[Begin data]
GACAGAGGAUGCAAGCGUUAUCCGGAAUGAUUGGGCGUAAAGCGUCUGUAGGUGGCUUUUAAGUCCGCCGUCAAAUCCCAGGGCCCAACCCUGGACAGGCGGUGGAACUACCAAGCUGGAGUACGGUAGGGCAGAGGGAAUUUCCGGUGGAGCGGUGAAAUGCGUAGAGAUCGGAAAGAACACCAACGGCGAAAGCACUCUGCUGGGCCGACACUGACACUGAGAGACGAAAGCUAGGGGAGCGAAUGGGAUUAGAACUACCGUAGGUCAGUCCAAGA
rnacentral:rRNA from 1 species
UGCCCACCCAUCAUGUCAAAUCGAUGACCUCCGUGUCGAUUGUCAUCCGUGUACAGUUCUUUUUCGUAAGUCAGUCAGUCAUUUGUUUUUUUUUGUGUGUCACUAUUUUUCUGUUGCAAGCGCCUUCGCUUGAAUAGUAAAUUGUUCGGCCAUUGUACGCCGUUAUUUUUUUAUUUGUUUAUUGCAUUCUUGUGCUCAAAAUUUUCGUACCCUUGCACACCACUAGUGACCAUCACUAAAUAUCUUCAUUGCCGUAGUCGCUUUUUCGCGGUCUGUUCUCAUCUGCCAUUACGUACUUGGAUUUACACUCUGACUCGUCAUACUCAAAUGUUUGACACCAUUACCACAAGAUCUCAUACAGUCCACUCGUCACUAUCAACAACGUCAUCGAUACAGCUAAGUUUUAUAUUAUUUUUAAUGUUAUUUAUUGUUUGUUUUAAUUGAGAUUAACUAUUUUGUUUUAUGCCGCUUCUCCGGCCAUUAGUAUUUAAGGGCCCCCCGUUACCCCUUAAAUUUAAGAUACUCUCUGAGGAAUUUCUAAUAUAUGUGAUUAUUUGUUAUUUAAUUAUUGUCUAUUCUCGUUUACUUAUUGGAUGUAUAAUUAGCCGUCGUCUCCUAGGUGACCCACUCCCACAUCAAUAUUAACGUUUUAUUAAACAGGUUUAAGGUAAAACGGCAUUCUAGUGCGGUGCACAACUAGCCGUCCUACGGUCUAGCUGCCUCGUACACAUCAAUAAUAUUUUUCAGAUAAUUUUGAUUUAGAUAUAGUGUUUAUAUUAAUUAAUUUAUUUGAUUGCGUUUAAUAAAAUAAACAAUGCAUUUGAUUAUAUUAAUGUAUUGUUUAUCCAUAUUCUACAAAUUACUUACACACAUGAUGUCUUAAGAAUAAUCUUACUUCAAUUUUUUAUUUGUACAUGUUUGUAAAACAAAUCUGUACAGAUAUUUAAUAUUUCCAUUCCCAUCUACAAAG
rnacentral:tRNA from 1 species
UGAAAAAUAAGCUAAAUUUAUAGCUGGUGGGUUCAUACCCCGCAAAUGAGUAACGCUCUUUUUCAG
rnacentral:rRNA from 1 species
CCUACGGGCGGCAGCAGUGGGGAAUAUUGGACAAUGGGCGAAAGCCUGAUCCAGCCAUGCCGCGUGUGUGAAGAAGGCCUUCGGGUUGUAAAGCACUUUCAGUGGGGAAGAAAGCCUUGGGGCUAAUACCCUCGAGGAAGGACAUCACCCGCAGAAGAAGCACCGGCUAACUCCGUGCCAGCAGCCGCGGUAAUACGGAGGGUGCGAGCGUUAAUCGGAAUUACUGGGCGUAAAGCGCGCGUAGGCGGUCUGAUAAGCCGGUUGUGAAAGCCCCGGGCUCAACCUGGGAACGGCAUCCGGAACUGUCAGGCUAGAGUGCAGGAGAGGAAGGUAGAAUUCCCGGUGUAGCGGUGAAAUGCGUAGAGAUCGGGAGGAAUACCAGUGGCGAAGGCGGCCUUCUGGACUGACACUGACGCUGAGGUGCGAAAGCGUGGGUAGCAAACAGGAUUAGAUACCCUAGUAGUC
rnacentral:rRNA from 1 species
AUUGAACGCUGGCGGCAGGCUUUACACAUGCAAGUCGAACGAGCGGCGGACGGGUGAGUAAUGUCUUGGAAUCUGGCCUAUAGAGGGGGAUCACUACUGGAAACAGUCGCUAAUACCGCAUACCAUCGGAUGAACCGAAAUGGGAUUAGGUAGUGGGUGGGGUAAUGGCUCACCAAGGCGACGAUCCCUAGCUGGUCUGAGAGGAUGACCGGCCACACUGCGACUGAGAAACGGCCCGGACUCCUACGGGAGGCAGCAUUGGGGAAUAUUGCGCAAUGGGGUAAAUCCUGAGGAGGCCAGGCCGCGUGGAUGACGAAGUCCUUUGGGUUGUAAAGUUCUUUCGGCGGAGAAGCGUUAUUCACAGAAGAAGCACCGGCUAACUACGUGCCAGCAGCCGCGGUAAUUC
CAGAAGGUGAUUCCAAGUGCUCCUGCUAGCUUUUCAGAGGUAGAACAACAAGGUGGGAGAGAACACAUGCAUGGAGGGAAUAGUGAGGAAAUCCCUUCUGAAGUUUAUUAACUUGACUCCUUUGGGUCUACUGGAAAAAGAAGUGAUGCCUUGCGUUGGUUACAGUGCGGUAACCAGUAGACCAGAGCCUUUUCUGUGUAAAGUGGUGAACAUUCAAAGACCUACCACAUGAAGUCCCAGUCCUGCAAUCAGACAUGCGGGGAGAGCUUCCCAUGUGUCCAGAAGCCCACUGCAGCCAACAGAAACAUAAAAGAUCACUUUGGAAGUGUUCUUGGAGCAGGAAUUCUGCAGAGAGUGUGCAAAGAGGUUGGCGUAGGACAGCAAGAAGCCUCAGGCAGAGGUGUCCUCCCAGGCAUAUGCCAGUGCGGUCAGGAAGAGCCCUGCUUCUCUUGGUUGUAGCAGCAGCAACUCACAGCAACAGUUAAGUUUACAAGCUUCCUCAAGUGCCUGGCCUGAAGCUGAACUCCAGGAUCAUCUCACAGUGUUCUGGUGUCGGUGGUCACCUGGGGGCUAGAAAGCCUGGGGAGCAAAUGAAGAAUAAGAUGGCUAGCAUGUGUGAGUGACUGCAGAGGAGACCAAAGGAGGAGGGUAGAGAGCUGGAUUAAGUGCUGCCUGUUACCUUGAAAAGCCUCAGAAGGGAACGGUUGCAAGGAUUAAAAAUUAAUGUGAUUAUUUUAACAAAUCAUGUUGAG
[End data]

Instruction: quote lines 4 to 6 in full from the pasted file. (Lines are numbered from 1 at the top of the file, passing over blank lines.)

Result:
rnacentral:tRNA from 1 species
UGAAAAAUAAGCUAAAUUUAUAGCUGGUGGGUUCAUACCCCGCAAAUGAGUAACGCUCUUUUUCAG
rnacentral:rRNA from 1 species